“There’s a secret world out there. A hidden parallel universe of beauty and elegance, intricately intertwined with ours. And it’s invisible to most of us.”
Imagine that you had to take an art class in which they taught you only how to paint a fence or a wall, but never showed you the paintings of the great masters. Alas, this is how math is taught, and so for most of us it becomes the intellectual equivalent of watching paint dry. Edward Frenkel wants to open this secret world to all of us because it can teach us so much about the mysteries of the Universe. In this talk, he weaves the discovery of math with his personal journey, addressing the existential questions of finding out who we are; of truth, courage, and passion.
Edward Frenkel is a professor of mathematics at the University of California, Berkeley, which he joined in 1997 after being on the faculty at Harvard University. He is a member of the American Academy of Arts and Sciences, a Fellow of the American Mathematical Society, and the winner of the Hermann Weyl Prize in mathematical physics. Frenkel has authored three books and over eighty scholarly articles in academic journals, and he has lectured on his work around the world. His YouTube videos have garnered over 3 million views combined.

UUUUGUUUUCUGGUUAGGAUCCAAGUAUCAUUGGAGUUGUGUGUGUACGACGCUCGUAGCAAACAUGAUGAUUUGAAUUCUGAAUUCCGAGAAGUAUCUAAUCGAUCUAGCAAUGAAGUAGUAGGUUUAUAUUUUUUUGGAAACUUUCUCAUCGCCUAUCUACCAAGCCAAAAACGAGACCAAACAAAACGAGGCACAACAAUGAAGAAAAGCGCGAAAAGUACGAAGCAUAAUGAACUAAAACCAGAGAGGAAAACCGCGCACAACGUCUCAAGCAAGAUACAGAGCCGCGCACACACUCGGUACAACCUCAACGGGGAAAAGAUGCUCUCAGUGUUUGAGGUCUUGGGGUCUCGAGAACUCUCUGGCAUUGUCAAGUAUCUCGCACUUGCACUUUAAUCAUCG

Frenkel’s latest book “Love and Math” was a New York Times bestseller and has been named one of the Best Books of 2013 by both Amazon and iBooks. It is being translated into 14 languages. Frenkel has also co-produced, co-directed and played the lead in the film “Rites of Love and Math” (2010).
The first step towards an ontological comprehension of physics consists in the rediscovery of what we term the corporeal domain, which is basically the perceptible, beginning with the visual.
consciousness is a fundamental quality of the cosmos, and that what we call the material world emerges from it.
According to Ervin Laszlo, the coherence of the atom and the galaxies is the same coherence that keeps living cells together, cooperating to form life.
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